Every half a second, someone types into google: ‘how do I wash my vagina’. So, if you’re ever confused about what you need to do down there, don’t worry, you’re not alone.
Firstly, and most importantly, we need to make one key distinction: the vagina is the internal part of the female anatomy, and the vulva is external.
You should never clean internally. The vagina is self-cleaning. While this may sound like magic, it’s not. The vagina is kept clean by millions of ‘good’ bacteria, which take up tonnes of space and prevent bad bacteria from growing and multiplying. These good bacteria thrive in an acidic pH and are kept best in balance when you LEAVE THE VAGINA ALONE.
This means that douching, internal over-the-counter products and using your shower head to spray into the vagina are all actually super counterproductive. These things will alter the delicate environment of the vagina, change the pH and create conditions that favour the growth of bad bacteria. This can lead to unpleasant discharge and an unpleasant smell.
There are lots of things that you can do to maintain a healthy vaginal pH, which we’ll touch on in just a moment. But before that, let’s discuss the part that you can clean: the external vulva.
While some will tell you that water is enough to clean your vulva, most will disagree. After all, the vulva comes into contact with quite a lot (sweat, sebum, urine, semen etc).
How to wash your intimate areas safely
While it is a personal choice, there are many safe things you can do to feel fresher down below other than only using water.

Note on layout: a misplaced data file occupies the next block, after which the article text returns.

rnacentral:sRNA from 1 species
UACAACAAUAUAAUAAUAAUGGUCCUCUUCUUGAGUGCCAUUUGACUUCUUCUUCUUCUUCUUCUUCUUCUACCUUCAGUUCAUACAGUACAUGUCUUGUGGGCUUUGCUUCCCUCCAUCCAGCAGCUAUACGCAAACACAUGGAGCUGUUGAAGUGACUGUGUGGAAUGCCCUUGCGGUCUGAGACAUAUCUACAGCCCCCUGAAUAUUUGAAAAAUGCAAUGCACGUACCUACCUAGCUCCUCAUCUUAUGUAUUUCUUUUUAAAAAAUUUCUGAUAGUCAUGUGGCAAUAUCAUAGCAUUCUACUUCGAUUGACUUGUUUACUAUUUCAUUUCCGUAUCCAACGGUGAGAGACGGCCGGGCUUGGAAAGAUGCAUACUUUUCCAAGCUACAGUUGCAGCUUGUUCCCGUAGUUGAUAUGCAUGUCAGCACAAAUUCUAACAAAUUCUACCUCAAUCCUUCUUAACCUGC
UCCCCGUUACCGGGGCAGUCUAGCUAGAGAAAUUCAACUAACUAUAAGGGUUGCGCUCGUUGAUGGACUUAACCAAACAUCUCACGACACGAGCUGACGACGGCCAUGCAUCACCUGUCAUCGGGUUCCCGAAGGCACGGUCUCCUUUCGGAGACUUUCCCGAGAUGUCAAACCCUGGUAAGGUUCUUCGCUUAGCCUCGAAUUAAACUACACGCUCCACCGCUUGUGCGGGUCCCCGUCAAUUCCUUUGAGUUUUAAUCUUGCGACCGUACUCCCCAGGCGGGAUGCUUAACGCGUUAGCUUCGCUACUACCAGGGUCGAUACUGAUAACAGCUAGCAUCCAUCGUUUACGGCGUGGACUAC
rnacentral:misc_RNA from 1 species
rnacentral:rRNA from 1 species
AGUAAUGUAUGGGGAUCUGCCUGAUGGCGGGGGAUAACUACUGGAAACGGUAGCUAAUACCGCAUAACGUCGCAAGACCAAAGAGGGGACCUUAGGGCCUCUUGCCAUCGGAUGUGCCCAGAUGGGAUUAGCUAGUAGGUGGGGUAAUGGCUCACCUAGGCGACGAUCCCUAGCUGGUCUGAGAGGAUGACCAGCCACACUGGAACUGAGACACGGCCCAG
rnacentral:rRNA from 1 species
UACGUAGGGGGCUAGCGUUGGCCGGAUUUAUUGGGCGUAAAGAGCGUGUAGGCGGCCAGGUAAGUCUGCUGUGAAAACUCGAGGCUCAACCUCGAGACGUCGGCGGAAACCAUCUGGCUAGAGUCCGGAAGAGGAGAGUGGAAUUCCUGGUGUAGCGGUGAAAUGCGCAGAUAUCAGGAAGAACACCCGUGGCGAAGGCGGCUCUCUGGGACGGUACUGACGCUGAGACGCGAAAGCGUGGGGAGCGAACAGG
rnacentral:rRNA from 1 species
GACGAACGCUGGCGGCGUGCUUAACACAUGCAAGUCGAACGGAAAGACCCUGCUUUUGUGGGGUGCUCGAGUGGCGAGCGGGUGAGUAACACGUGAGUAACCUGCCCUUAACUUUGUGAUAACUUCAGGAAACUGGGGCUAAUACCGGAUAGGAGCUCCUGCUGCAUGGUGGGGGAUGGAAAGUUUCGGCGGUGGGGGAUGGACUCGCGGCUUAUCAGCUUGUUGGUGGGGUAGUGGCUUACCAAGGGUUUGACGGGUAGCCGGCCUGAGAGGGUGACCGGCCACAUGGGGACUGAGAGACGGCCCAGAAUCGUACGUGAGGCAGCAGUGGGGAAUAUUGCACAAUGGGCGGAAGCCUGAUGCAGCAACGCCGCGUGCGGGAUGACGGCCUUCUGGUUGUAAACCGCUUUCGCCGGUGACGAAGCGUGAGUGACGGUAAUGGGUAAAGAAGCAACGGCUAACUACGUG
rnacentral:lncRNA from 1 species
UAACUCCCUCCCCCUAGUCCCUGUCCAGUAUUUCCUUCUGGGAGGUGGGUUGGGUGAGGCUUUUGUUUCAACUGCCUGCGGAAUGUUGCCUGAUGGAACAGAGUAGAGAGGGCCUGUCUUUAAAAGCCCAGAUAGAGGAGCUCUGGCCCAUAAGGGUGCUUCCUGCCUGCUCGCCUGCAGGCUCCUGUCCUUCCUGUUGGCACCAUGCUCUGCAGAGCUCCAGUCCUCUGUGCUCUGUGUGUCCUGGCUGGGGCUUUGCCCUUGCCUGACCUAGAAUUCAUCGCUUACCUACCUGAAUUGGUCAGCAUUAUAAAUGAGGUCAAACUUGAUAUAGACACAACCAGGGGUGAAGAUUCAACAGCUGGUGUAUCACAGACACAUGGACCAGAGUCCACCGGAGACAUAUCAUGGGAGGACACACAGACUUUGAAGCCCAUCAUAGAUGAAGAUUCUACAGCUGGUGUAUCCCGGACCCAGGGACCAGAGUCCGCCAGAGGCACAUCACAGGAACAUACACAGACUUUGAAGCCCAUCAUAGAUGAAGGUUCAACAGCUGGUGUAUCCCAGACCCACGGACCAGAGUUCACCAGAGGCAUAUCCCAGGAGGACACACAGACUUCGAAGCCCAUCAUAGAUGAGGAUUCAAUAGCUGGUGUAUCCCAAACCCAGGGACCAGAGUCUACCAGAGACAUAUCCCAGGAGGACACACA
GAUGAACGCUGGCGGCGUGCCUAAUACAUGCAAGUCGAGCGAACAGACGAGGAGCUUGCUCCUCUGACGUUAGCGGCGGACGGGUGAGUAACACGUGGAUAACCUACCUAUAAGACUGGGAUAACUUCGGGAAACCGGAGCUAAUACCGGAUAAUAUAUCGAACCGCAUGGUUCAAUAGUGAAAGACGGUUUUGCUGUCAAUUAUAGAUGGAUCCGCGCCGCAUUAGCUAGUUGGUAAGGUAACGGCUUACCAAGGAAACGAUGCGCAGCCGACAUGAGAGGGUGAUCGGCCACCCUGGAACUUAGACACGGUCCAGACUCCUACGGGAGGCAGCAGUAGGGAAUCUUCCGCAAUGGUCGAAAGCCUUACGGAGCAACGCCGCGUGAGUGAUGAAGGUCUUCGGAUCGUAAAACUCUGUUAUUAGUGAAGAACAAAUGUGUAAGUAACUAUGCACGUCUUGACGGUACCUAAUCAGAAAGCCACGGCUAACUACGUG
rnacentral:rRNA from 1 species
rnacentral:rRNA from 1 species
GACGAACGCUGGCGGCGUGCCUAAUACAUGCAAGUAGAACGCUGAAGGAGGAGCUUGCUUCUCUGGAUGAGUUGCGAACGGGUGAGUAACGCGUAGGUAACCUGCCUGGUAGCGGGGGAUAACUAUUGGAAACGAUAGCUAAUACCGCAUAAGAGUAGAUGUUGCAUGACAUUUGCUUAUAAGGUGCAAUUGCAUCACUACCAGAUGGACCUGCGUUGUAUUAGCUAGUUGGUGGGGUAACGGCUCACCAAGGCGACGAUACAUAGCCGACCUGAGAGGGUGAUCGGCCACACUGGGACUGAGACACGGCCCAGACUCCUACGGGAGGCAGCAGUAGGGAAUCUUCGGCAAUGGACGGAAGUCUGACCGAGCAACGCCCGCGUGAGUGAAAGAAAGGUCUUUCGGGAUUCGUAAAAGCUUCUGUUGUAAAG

Firstly, you want to use a hypoallergenic, sensitive skin cleanser that is pH-correct to the vulva. These products help to provide a cleaner external environment and look discreet on the shelf too.
This said, what’s the deal with feminine hygiene products anyway? Well, these can range from washes to wipes to sprays. For the most part, these are fine and safe to use as long as they are marketed for ‘external use only’ and are not heavily fragranced.
If you’re looking for an eco-friendlier alternative to a wipe, you can try a spray. This allows you to clean wherever you go, without any waste.
Another thing to avoid for your intimate areas are loofahs. These may be a little harsh for the delicate skin surrounding the vulva and can actually spread bacteria or irritate the skin if used every day. Prolonged irritation can eventually lead to hyperpigmentation and discolouration of the vulva. Your hands are gentle enough to clean the vulva without causing any irritation.
How to keep your vagina healthy
Now we’ve discussed how you can best clean externally, let’s go back to how to maintain a healthy internal environment.
As mentioned earlier, the vagina is maintained at a strict pH. Unfortunately, there are lots of things that can throw your vagina out of that healthy balanced pH, including:
Menstrual blood: period blood is actually at a higher pH than the rest of your vagina. This means that if blood is stagnating in your vagina for long periods of time (for example if you keep your tampons in for too long), the result may be an unpleasant discharge. If you’re experiencing this, you want to change tampons regularly throughout the day or even switch from tampons to pads.
Semen: Unknown to many, semen also can alter the vaginal pH. If you’re noticing that you get regular thrush or bacterial vaginosis following sexual activity, you may want to consider using condoms to help create a barrier. Sex can also introduce lubricants into the vagina and other foreign objects or bacteria that resides on the penis. Using barrier protection can help protect against this.
In order to keep a healthy vaginal pH, consume probiotic drinks and yoghurts to help colonise your body with ‘good bacteria’, wear loose-fitting cotton underwear (save the lace for special occasions), stay hydrated and practice good vulval hygeine.